It’s time for a more nuanced approach to prioritizing COVID-19 vaccinations as more contagious variants become prevalent and a third wave of infections threatens to overwhelm hospitals in some provinces, according to an analysis published recently in the Canadian Medical Association Journal.
“It’s time to move the debate away from age and medical risk factors,” said lead author Finlay McAlister, professor in the University of Alberta’s Faculty of Medicine & Dentistry.
“The third wave is showing us that the most vulnerable are people in economically marginalized neighbourhoods where people live and work nearby – a group that wasn’t prioritized for vaccination before.”
McAlister and three other authors, including U of A professor of medicine Lynora Saxinger, who co-chairs the scientific advisory group for Alberta Health Services’ COVID-19 Emergency Co-ordination Centre, analyzed data from the Canadian Community Health Survey for 61,000 Canadian adults. They identified how many have conditions that are recognized as risk factors for severe COVID-19 disease, including high blood pressure, obesity, diabetes and smoking.
“At least 75 per cent of Canadian adults have at least one risk factor and one-third have two or more risk factors for severe illness if they contract COVID-19,” McAlister said. “When 75 per cent of people are eligible for prioritization, that’s not really prioritization.”
It was appropriate to give seniors living in communal settings and the very elderly shots first, as they were clearly the most likely to face severe disease and death at the time, McAlister said, but now the focus should also be on neighbourhoods and workplaces facing a higher risk of infection. He applauded the Alberta government’s recent announcement that it will open vaccine clinics at the Cargill meat packing plant in High River as an example of the new direction that should be taken.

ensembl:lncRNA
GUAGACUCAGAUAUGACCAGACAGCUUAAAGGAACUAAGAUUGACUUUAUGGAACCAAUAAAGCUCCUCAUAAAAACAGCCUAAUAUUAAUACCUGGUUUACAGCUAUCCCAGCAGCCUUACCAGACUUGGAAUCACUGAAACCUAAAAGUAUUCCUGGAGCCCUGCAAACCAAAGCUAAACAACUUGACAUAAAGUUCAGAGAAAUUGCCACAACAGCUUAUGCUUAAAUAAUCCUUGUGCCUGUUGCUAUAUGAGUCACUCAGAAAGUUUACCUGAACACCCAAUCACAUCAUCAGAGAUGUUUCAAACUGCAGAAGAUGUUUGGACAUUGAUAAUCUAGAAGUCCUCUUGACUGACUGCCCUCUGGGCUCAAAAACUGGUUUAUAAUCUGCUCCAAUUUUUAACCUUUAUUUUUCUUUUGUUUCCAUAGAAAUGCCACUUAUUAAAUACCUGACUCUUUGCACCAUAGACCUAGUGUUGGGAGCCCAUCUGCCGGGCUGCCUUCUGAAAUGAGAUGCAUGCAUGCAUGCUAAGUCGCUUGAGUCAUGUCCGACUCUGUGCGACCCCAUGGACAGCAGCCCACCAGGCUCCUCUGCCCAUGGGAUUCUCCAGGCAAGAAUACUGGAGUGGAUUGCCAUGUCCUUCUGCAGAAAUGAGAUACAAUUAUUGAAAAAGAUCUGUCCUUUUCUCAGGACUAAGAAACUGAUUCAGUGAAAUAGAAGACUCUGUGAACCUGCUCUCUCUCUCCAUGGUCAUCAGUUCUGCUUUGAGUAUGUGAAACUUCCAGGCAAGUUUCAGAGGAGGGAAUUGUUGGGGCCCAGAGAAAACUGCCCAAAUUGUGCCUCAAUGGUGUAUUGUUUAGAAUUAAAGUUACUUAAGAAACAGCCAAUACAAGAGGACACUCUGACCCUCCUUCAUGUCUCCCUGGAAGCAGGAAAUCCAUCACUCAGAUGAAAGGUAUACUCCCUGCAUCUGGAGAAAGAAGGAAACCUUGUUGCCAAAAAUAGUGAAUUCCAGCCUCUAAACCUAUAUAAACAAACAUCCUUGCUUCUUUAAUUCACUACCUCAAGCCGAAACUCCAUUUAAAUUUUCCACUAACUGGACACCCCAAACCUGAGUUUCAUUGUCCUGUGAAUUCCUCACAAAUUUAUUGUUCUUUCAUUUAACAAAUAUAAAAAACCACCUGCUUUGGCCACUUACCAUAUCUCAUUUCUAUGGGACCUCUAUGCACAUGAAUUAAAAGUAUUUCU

McAlister also supports the recommendation from the National Advisory Committee on Immunization to give first doses to as many Canadians as possible, even if it means waiting up to three months to administer second doses while vaccine supplies are limited.
“The science is evolving rapidly, but there is accumulating evidence showing that after the first shot we are getting about 80 per cent efficacy, at least in the short-term, so it looks like delaying second doses while we try to get more first doses into arms is a reasonable approach if we continue to be faced with vaccine shortages,” McAlister said. “Of course, how long that first-dose protection will last, we will only know in retrospect.”
He noted that some groups should be given special consideration to get their second dose more quickly. For example, cancer and transplant patients do not develop the same level of immunity from the first dose as others.
“They seem to get only partial immunity, which means they are at a greater risk for infection, giving the virus another chance to mutate into a variant and get passed on,” McAlister explained. “We want as many people as possible to develop immunity as quickly as possible so there’s less chance for new variants to develop.”
He also reiterated that until we know whether vaccines protect against all of the variants of concern and until the Canadian population has reached herd immunity, thought to be around 70 per cent, we will have to continue public health measures such as wearing masks, socially distancing and washing hands often.
| By Gillian Rutherford for Troy Media
This article was submitted by the University of Alberta’s Folio online magazine. Folio is a Troy Media Editorial Content Provider Partner.
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